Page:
Is there any reason we can't do this?
I remember debating the point some time ago with a fellow design enthusiast. They argued that mouse based interaction allowed a designer just as much freedom as a text parser, and this was my counter argument. The text parser, theoretically, allows us to append all the usual additional flourishes that make our languages work. Can mouse based input effectively allow us to ">pretend to be interested in what Adam is saying". Can it allow us to ">fall asleep", to ">remember my mother" or to ">pretend to cry"?
More to the point, can any method of interaction allow this?
Sure, we could build a parser that accomodates all these and more. It'd require an extraordinarily large library, but it'd be possible. That's hardly the point, however.
What I want to know, is can we do so in a way where it's truly effective as a method through which we allow players to propel themselves through our narratives?
|Freelancer allows you to travel freely between missions, and talk to a huge range of characters, but the interactions quickly become bland and similar.|
Providing the player to do any of these things is simple enough in terms of design philosophy - all we need to do is to construct a database that supports all of this input. Building a reactive, dynamic world to make these valuable interactions, however, is a completely different thing.
I don't think it's merely a matter of building an artificial intelligence or forgetting about the idea completely. Realistically, it's possible to build a world that not only accepts the inputs, but also reacts to it.
I suppose, then, that the real question is: "Is this worthwhile?"
There are two types of content for games - created content, and generated content. Dynamically generated content is an amazing idea - the possibility for replaying a game in which the dungeons are totally different each time you play it seems fantastic. But if you're killing the same enemies for the same reasons in a place that's laid out slightly differently to last time, is that really a unique experience? Personally, I much prefer content that was created by a human being and provides me with a dynamic experience that varies based on my input, not a random level generating algorithm. Give me one piece of meaningful feedback, and it will compel me to become invested in the game. A dungeon that changes each time I play it requires no real investment at all.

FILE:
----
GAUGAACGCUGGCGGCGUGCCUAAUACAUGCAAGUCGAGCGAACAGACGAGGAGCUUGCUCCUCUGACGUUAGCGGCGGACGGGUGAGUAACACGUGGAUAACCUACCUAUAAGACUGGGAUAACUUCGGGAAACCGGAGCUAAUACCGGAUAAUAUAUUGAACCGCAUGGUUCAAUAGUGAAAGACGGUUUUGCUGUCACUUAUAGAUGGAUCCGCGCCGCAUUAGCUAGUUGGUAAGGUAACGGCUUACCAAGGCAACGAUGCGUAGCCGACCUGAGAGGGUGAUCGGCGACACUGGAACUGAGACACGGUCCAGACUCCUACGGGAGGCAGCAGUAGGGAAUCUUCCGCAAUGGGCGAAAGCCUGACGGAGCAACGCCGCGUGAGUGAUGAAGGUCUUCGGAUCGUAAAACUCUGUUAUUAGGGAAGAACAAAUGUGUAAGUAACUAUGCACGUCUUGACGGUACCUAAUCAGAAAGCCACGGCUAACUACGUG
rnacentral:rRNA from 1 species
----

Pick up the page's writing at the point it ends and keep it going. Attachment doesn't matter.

Which brings us back to the "Is this worthwhile?" question. Let's envision a game that allowed a near infinite parser library. Let's say we could get our character to ">feel guilt for stealing socks" or ">hope that I get to see my mother before she dies" or ">fall in love with Annah". There's no doubt that this provides an electric, reactive, dynamic world for us to participate in - an exciting playground in which every possible action is rich with potential consequence, without the burden of not being able to start over with a fresh reputation and health that often dictates much of our conservatism in real life.
But is that what we want from our games? I'm not so sure. To me, there seems the slightest chance that perhaps we like being led through games. Perhaps we don't really want the ultimate in escapism, but to partake in a story with the added ability to influence some of the outcome.
After all, what would Beyond Good and Evil be like if Michel Ancel hadn't led us through the story in the way he did? What would Baldur's Gate have been like if we'd never been compelled to do what Gorion wished of us and were left to do our own thing? Sure, games like The Elder Scrolls: Oblivion and Fallout: New Vegas can be far more rewarding when we're left to our own devices and don't follow the central plot, but I don't think that's what I want from all of my games. Sometimes, I want to be told a story, and as much as I want to take part and be given difficult choices with interesting consequences, I also want to be carried along a narrative path.
|Aquanox is far more linear - restricting your activities between missions to a small area, but as a result the characters are more unique and the world feels far richer despite being much smaller and more restricted.|
Is there any reason we can't ">fall in love with Annah"? No, not really. But will it add to games as narrative devices? I'm not so sure. If I want a dynamic, reactive and free form environment, I'll turn off my computer and go outside. I don't think I need all that freedom to enjoy a game. Games as a narrative vehicle can be absolutely compelling, and while I think consequence adds a lot to a game, I also think there's a point at which it stops a game from being a medium through which we can deliver a story and turns it into a sandbox type situation.
Narrative in games is beautiful. I don't think we've really seen it hit its true potential, and until it does, I'm quite happy to be a little limited with my input, provided I'm given a good story in return.
Of course, if someone does build a game with all that freedom, let me know about that. I'd play the heck out of any game that lets me ">make bus driver feel guilty about staring at me".